Methotrexate: Pulmonary Alveolar Haemorrhage

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Overview

Methotrexate is a disease-modifying anti-rheumatic drug (DMARD) and also an anti-neoplastic agent. The current registered indications of methotrexate include oncologic indications such as acute leukaemia and osteosarcoma, as well as non-oncologic indications such as rheumatoid arthritis1.

Alveolar haemorrhage is characterised by bleeding into the alveolar spaces from the pulmonary microcirculation due to microvascular damage. It is a rare and potentially life-threatening condition. Clinical findings usually include haemoptysis, anaemia, and diffuse alveolar opacities seen in imaging2.

 

Background of Safety Issue

The National Pharmaceutical Regulatory Agency (NPRA) received information from the European Medicines Agency (EMA) on the risk of pulmonary alveolar haemorrhage associated with methotrexate use.

Having considered the available evidence in the European adverse drug reactions database (Eudravigilance) and in the literature, EMA’s Pharmacovigilance Risk Assessment Committee (PRAC) has agreed on the need to amend the product information of methotrexate accordingly to include the risk of pulmonary alveolar haemorrhage. Pulmonary alveolar haemorrhage has been reported with methotrexate use in rheumatologic and related indications which may be associated with vasculitis and other comorbidities. Prompt investigations should be considered when pulmonary alveolar haemorrhage is suspected, in order to confirm the diagnosis3.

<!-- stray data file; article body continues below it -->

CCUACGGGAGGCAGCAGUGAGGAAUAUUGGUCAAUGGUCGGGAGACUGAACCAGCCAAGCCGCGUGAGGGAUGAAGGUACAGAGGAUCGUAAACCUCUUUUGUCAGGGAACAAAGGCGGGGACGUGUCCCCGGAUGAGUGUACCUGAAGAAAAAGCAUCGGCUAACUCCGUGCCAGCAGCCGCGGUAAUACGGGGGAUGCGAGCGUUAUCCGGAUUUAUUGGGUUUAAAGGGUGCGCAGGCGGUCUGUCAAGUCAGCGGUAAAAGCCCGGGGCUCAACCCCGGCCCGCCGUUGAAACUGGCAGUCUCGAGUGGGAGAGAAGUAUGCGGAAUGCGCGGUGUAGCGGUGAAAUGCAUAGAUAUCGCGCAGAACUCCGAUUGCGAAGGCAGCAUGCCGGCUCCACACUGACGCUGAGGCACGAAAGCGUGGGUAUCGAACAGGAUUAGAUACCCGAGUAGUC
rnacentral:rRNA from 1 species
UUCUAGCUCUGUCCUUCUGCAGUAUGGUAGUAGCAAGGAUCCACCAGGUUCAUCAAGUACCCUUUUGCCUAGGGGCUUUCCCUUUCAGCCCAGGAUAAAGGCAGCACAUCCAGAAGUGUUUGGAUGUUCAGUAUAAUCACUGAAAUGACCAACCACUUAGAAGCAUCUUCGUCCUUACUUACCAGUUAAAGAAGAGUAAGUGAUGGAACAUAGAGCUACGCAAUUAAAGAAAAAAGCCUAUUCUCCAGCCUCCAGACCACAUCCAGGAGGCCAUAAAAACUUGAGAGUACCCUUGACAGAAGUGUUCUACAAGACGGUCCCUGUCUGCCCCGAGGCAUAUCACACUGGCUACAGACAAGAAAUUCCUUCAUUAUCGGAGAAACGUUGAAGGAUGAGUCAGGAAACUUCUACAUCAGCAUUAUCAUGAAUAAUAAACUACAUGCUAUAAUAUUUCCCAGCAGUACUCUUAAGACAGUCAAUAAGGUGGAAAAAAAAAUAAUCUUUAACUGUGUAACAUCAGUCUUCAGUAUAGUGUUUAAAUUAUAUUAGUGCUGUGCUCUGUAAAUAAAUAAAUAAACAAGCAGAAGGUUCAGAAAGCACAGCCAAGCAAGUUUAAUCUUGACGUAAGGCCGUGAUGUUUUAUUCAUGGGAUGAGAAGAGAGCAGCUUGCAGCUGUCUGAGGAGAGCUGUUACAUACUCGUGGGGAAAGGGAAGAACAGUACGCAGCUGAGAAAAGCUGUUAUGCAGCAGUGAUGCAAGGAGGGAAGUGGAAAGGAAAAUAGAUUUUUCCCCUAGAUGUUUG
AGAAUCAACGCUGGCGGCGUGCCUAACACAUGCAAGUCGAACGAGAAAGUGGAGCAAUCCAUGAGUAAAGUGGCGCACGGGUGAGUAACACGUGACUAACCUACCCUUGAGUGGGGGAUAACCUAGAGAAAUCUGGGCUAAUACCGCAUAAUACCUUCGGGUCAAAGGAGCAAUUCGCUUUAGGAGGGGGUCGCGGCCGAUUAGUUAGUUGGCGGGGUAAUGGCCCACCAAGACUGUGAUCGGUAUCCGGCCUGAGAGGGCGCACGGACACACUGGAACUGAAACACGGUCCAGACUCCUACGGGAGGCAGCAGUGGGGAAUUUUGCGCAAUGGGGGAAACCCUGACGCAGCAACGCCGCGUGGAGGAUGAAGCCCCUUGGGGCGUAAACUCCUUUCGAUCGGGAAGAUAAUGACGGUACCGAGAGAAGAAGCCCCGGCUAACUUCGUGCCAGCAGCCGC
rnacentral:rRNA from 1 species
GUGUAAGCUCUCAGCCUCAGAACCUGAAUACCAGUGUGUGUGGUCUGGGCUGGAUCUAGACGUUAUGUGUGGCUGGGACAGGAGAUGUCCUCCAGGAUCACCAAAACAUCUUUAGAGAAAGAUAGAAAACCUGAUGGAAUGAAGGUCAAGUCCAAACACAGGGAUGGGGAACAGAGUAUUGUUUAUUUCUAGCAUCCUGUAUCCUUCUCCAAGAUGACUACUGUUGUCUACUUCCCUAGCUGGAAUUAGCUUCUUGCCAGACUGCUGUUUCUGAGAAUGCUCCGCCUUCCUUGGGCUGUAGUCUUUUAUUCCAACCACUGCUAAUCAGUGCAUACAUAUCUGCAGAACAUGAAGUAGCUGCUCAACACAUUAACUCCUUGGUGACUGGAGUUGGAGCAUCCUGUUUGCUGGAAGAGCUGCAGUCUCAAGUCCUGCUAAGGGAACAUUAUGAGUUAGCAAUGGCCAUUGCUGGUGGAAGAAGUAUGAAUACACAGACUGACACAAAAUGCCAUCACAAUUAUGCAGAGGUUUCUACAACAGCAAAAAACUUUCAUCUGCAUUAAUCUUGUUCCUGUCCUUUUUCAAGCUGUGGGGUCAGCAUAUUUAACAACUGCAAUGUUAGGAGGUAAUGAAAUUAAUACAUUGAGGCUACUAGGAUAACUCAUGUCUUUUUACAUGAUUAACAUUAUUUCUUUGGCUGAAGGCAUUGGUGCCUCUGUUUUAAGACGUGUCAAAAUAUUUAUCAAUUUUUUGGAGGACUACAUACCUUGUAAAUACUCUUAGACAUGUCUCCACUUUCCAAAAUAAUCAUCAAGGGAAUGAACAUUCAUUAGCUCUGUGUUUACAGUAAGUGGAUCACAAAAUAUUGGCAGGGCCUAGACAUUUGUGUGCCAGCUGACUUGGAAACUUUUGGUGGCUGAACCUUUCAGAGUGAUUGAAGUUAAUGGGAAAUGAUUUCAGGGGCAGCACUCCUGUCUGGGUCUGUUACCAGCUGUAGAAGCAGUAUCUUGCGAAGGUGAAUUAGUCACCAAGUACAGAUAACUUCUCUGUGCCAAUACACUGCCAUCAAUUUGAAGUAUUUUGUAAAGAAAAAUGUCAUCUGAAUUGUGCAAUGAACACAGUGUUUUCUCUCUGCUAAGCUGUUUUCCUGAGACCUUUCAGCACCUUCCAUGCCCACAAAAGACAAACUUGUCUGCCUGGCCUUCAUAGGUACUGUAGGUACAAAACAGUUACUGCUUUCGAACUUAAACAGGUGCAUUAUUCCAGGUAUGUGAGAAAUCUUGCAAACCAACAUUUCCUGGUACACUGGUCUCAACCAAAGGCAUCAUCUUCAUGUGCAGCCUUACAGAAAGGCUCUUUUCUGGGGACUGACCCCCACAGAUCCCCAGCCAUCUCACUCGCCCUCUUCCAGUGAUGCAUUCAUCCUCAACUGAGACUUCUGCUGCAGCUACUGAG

Adverse Drug Reaction Reports

NPRA has received a total of 282 reports with 558 adverse events suspected to be related to methotrexate. Majority of the adverse events (97 events, 17.4%) involved skin and subcutaneous tissue disorders, such as rash and pruritus.

There were also a number of reports involving respiratory, thoracic and mediastinal disorders (22 events, 3.9%) such as coughing, breath shortness, pleural effusion and pulmonary fibrosis. However, no pulmonary alveolar haemorrhage cases following the use of methotrexate have been reported to NPRA up to present4.

Globally, there are a total of 26 reports of pulmonary alveolar haemorrhage suspected to be related to methotrexate5.

 

Advice for Healthcare Professionals

  • Monitor patients on methotrexate for signs of pulmonary alveolar haemorrhage.
  • Advise patients to contact their doctor immediately if they start spitting or coughing up blood.
  • Please report all adverse events suspected to be related to the use of methotrexate-containing products to NPRA.

 

References:

  1. The Quest 3+ Database, NPRA [Accessed Mac 2018].
  2. Lazor, R (2011). Alveolar Haemorrhage Syndromes. Eur Respir Mon. 54: 15-31.
  3. European Medicines Agency (2018). PRAC recommendations on signals adopted at the 8-11 January 2018 PRAC meeting. EMA/PRAC/8429/2018.
  4. The Malaysian National ADR Database, NPRA [Accessed Mac 2018].
  5. The  WHO Vigilyze database, Uppsala Monitoring Centre [Accessed: 24 February 2018].

 

DISCLAIMER

This publication is aimed at health professionals. The information is meant to provide updates on medication safety issues, and not as a substitute for clinical judgement. While reasonable care has been taken to verify the accuracy of the information at the time of publication, the NPRA shall not be held liable for any loss whatsoever arising from the use of or reliance on this publication.

 

National Pharmaceutical Regulatory Agency (NPRA)
Lot 36, Jalan Universiti, 46200 Petaling Jaya, Selangor, Malaysia.
  • Email: npra@npra.gov.my
  • Phone: +603-7883 5400
  • Fax: +603-7956 2924, +603-7956 7075

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